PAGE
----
It’s been 10 years since swimming champ Michael Phelps began to talk publicly about his mental health battles. “I was so afraid to open up because I am a male and I was an athlete, and I felt like I couldn’t show that side to my competitors,” says the 23-time Olympics gold medal winner, 38. “I felt like I couldn’t be vulnerable.”
After contemplating suicide in 2014, he sought professional help and made it his mission to help others. “Therapy has been a lifesaver for me,” he says. “For a long time, I felt like I could do everything by myself. Asking for help was challenging, but once I did, it made things so much easier.” Here, the father of four (he and his wife of seven years, Nicole Johnson, welcomed son Nico on January 16 and also share Boomer, 7, Beckett, 5, and Maverick, 4) tells In Touch’s Lindsay Hoffman about self-care, dad life and happiness.
How is your mental health now?
It’s just a part of who I am. Over the last 10 years, I’ve been able to pick up tools. For a long time, I saw myself as a swimmer, not a person. Now I get to look in the mirror and see a human, not just somebody with a cap and goggles.
What was your lowest point?
I didn’t want to be alive. Negative thoughts were running through my head. In 2014, I contemplated committing suicide. That’s when I decided I needed help.
What are some things you do to keep your mental health in check?
I work out every day. It was a part of who I am for 20 years, so I have to continue that. It’s a way for me to get my mind and body right. Self-care is something we have to do no matter what.
How has Nicole supported you?
I’m not sure I’d be here without her. We’ve been together for 16 years, so she’s seen a lot of my ups and downs. She had to get help for herself because of everything she saw me go through. I’m lucky to have her. I can be myself with her.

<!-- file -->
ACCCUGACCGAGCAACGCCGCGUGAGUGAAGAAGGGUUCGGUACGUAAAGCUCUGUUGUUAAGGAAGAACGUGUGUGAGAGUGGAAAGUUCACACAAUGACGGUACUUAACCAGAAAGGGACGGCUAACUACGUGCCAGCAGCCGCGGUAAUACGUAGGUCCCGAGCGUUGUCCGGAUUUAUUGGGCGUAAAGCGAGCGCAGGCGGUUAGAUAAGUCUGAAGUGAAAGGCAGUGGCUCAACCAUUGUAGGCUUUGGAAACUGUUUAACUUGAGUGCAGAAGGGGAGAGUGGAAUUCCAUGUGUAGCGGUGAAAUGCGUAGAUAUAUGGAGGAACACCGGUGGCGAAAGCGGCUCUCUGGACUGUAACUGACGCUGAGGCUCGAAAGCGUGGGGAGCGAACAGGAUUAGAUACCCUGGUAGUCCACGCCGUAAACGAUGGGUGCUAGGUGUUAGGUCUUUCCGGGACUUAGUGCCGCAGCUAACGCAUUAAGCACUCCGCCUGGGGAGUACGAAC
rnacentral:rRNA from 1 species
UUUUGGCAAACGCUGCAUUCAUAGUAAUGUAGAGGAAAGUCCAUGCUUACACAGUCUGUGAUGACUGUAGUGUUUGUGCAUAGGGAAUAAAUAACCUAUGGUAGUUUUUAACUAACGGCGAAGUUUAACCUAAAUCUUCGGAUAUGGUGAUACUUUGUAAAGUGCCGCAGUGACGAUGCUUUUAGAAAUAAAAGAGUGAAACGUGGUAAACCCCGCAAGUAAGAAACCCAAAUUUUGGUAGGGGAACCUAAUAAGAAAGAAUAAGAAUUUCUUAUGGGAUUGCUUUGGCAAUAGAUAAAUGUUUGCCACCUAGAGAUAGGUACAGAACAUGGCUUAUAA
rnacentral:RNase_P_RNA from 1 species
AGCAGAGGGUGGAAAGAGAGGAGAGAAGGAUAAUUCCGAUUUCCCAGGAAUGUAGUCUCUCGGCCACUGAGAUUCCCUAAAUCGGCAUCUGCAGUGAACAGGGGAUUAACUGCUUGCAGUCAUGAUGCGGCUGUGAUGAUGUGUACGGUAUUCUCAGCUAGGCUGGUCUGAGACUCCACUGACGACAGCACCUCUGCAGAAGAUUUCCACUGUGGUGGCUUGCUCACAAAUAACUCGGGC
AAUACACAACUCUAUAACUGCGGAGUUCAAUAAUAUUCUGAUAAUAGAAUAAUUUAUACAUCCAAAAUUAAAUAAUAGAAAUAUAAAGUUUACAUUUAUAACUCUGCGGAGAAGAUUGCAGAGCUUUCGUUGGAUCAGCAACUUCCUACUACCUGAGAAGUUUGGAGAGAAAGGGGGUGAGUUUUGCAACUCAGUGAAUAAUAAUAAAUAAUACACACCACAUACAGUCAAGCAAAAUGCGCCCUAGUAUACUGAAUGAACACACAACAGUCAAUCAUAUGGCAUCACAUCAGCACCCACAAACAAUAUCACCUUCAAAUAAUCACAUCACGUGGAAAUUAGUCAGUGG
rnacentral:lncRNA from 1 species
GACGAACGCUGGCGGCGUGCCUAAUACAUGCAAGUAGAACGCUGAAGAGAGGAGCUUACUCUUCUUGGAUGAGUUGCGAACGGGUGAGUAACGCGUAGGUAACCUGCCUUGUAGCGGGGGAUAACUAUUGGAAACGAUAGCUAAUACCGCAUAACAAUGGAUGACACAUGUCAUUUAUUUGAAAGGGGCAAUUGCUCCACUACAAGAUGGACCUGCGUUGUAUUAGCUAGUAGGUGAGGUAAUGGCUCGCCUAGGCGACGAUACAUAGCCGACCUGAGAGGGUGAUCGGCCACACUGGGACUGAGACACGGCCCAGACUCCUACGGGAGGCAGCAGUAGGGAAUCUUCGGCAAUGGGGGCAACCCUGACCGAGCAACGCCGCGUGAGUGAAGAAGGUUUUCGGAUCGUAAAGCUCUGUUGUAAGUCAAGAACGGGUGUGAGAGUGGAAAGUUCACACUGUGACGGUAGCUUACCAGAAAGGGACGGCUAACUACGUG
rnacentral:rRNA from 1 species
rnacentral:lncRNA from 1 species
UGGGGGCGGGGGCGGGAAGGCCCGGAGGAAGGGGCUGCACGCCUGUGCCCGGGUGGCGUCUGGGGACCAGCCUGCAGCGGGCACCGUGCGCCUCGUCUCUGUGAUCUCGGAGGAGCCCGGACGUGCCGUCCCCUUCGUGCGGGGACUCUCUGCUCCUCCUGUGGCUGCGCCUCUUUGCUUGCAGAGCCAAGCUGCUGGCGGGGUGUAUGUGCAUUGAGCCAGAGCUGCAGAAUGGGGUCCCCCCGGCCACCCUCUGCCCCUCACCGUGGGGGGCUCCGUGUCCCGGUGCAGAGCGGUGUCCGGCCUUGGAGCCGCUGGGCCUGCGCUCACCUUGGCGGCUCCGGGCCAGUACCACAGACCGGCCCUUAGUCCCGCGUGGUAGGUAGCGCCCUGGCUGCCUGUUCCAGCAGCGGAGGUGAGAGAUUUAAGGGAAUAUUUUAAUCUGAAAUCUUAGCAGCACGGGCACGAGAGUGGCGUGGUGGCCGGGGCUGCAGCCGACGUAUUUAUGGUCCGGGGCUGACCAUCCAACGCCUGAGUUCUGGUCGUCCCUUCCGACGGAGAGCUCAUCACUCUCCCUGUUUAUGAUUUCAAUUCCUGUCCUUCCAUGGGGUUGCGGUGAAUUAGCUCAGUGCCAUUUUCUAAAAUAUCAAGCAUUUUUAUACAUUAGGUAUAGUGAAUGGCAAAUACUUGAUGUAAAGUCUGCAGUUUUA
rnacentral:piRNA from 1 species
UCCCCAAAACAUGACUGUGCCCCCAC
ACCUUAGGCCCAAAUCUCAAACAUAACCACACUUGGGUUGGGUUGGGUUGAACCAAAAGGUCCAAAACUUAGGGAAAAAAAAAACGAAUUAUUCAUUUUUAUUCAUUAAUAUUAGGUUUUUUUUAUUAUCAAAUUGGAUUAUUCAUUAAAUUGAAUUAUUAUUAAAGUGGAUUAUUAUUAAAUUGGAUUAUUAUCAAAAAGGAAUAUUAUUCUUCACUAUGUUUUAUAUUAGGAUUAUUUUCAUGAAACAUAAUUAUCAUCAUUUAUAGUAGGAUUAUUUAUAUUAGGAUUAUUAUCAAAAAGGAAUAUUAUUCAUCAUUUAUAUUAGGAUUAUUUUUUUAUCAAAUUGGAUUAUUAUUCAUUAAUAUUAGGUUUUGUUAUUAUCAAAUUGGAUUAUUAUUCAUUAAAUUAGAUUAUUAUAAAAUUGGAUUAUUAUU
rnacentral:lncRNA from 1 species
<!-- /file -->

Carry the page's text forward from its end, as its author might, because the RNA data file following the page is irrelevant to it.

During Men’s Mental Health Month, you partnered with the Talkspace app to “check in on men.” Why?
We’re trying to teach others the importance of opening up about these difficult things. It allows us to grow and become the best versions of ourselves. One of my goals is to lower the suicide rate.
How is dad life treating you?
I have a lot more gray! It’s helped me slow down. I want to be the best dad I can be, and I want to teach them everything I can. They are light-years ahead of where I was. I joke about how I learned to communicate at 30, and to see a 7-year-old do it makes me very happy.
Do you want them to be swimmers?
I don’t want to push them if it’s not something they truly desire. I want them to just be kids. My two oldest play soccer, and my middle one asked to play flag football. My oldest is also into golf. In a perfect world, I’d want one of my kids leading the majors in golf. I’m obsessed.
Ethan Miller/Getty Images
Are you happier than ever?
I have my moments. When friends text to ask how I am, I use the roller-coaster emoji because sometimes it’s really good and sometimes it’s really low. I’ll say I don’t have as many lows as I used to.